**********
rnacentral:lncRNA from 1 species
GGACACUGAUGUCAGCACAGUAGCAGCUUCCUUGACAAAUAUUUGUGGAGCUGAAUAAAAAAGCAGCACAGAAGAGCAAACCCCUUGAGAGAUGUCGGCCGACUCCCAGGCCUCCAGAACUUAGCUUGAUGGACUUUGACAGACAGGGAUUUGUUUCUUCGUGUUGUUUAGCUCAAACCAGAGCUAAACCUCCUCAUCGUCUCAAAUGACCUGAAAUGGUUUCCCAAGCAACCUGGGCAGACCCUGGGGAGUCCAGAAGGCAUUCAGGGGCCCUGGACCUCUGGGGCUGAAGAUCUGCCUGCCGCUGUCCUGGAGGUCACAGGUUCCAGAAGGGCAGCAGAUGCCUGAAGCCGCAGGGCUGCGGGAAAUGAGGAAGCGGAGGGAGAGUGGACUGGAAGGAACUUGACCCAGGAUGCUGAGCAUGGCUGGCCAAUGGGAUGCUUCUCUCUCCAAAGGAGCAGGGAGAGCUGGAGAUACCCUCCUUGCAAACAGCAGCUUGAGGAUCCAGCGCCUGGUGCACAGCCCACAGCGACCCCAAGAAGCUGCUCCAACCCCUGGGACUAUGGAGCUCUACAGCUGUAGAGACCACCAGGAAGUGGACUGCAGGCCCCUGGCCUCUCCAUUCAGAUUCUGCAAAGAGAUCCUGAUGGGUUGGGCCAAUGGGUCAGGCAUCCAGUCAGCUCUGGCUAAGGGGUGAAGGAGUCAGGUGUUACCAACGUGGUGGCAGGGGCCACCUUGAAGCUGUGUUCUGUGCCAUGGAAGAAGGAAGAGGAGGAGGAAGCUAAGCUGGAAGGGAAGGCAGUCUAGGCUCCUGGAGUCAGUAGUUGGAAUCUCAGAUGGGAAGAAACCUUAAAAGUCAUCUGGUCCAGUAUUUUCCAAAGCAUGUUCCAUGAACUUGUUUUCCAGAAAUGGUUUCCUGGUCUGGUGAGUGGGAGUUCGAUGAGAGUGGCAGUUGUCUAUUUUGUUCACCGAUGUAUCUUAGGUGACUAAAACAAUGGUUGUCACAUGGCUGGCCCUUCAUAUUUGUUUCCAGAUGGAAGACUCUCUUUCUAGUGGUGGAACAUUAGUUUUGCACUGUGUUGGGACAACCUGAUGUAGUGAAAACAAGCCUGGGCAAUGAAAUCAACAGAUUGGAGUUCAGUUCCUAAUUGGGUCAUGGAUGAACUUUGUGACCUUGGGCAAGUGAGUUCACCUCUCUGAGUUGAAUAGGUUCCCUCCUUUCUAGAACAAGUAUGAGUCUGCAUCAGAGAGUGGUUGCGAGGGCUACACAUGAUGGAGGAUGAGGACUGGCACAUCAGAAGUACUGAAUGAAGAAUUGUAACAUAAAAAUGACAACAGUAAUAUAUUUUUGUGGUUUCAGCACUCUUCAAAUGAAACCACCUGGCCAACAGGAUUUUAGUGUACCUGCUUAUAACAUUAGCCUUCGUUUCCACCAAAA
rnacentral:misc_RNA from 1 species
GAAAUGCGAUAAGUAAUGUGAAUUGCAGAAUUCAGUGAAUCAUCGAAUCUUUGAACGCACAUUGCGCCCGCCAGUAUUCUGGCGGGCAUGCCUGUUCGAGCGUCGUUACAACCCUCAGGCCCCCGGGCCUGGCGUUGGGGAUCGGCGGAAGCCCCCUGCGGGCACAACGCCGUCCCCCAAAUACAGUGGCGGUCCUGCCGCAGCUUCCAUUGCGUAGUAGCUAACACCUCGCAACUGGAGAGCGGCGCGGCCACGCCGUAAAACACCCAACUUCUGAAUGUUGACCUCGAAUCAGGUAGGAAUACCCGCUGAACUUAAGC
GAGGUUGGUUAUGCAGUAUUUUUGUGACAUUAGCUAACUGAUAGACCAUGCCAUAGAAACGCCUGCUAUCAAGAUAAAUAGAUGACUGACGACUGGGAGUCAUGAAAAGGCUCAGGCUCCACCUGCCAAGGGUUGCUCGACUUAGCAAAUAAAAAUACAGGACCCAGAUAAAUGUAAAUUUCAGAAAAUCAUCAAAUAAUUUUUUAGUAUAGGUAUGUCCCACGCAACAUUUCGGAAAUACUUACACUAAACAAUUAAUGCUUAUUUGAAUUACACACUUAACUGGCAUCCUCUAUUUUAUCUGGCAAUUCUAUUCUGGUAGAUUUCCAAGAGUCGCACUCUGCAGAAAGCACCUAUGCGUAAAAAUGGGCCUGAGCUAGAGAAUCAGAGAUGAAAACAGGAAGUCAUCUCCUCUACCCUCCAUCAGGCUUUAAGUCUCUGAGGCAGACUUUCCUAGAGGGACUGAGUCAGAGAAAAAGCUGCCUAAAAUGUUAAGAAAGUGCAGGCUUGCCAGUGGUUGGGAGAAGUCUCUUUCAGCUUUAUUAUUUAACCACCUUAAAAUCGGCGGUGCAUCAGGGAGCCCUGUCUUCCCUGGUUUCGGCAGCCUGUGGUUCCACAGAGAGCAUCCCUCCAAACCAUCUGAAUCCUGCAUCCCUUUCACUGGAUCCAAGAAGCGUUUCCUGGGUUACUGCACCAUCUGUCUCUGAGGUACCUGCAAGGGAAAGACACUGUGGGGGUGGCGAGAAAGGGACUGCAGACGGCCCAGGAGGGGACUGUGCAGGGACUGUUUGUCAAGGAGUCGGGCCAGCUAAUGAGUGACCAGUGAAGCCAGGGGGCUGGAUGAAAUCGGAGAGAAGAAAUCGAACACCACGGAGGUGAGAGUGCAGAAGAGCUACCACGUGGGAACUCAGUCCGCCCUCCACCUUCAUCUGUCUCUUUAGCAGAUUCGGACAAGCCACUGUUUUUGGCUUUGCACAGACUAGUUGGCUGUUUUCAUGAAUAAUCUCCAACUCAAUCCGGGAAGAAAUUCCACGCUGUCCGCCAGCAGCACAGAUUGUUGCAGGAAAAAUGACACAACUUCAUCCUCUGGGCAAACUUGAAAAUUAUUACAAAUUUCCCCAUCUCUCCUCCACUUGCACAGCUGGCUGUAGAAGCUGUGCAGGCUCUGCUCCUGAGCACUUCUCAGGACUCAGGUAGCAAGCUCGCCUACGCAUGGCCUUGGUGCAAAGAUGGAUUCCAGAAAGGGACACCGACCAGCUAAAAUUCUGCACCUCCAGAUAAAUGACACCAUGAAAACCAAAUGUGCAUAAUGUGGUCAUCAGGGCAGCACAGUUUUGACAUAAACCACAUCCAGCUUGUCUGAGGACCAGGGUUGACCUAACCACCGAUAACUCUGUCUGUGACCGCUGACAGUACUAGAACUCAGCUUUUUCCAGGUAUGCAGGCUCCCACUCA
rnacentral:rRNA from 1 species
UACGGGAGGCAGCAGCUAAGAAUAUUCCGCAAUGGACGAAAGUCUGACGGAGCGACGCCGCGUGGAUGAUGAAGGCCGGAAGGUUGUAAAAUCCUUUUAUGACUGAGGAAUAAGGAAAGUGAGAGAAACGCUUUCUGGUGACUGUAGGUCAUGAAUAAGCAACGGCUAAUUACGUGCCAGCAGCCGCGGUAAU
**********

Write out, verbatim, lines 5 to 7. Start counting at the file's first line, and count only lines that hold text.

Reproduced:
GAGGUUGGUUAUGCAGUAUUUUUGUGACAUUAGCUAACUGAUAGACCAUGCCAUAGAAACGCCUGCUAUCAAGAUAAAUAGAUGACUGACGACUGGGAGUCAUGAAAAGGCUCAGGCUCCACCUGCCAAGGGUUGCUCGACUUAGCAAAUAAAAAUACAGGACCCAGAUAAAUGUAAAUUUCAGAAAAUCAUCAAAUAAUUUUUUAGUAUAGGUAUGUCCCACGCAACAUUUCGGAAAUACUUACACUAAACAAUUAAUGCUUAUUUGAAUUACACACUUAACUGGCAUCCUCUAUUUUAUCUGGCAAUUCUAUUCUGGUAGAUUUCCAAGAGUCGCACUCUGCAGAAAGCACCUAUGCGUAAAAAUGGGCCUGAGCUAGAGAAUCAGAGAUGAAAACAGGAAGUCAUCUCCUCUACCCUCCAUCAGGCUUUAAGUCUCUGAGGCAGACUUUCCUAGAGGGACUGAGUCAGAGAAAAAGCUGCCUAAAAUGUUAAGAAAGUGCAGGCUUGCCAGUGGUUGGGAGAAGUCUCUUUCAGCUUUAUUAUUUAACCACCUUAAAAUCGGCGGUGCAUCAGGGAGCCCUGUCUUCCCUGGUUUCGGCAGCCUGUGGUUCCACAGAGAGCAUCCCUCCAAACCAUCUGAAUCCUGCAUCCCUUUCACUGGAUCCAAGAAGCGUUUCCUGGGUUACUGCACCAUCUGUCUCUGAGGUACCUGCAAGGGAAAGACACUGUGGGGGUGGCGAGAAAGGGACUGCAGACGGCCCAGGAGGGGACUGUGCAGGGACUGUUUGUCAAGGAGUCGGGCCAGCUAAUGAGUGACCAGUGAAGCCAGGGGGCUGGAUGAAAUCGGAGAGAAGAAAUCGAACACCACGGAGGUGAGAGUGCAGAAGAGCUACCACGUGGGAACUCAGUCCGCCCUCCACCUUCAUCUGUCUCUUUAGCAGAUUCGGACAAGCCACUGUUUUUGGCUUUGCACAGACUAGUUGGCUGUUUUCAUGAAUAAUCUCCAACUCAAUCCGGGAAGAAAUUCCACGCUGUCCGCCAGCAGCACAGAUUGUUGCAGGAAAAAUGACACAACUUCAUCCUCUGGGCAAACUUGAAAAUUAUUACAAAUUUCCCCAUCUCUCCUCCACUUGCACAGCUGGCUGUAGAAGCUGUGCAGGCUCUGCUCCUGAGCACUUCUCAGGACUCAGGUAGCAAGCUCGCCUACGCAUGGCCUUGGUGCAAAGAUGGAUUCCAGAAAGGGACACCGACCAGCUAAAAUUCUGCACCUCCAGAUAAAUGACACCAUGAAAACCAAAUGUGCAUAAUGUGGUCAUCAGGGCAGCACAGUUUUGACAUAAACCACAUCCAGCUUGUCUGAGGACCAGGGUUGACCUAACCACCGAUAACUCUGUCUGUGACCGCUGACAGUACUAGAACUCAGCUUUUUCCAGGUAUGCAGGCUCCCACUCA
rnacentral:rRNA from 1 species
UACGGGAGGCAGCAGCUAAGAAUAUUCCGCAAUGGACGAAAGUCUGACGGAGCGACGCCGCGUGGAUGAUGAAGGCCGGAAGGUUGUAAAAUCCUUUUAUGACUGAGGAAUAAGGAAAGUGAGAGAAACGCUUUCUGGUGACUGUAGGUCAUGAAUAAGCAACGGCUAAUUACGUGCCAGCAGCCGCGGUAAU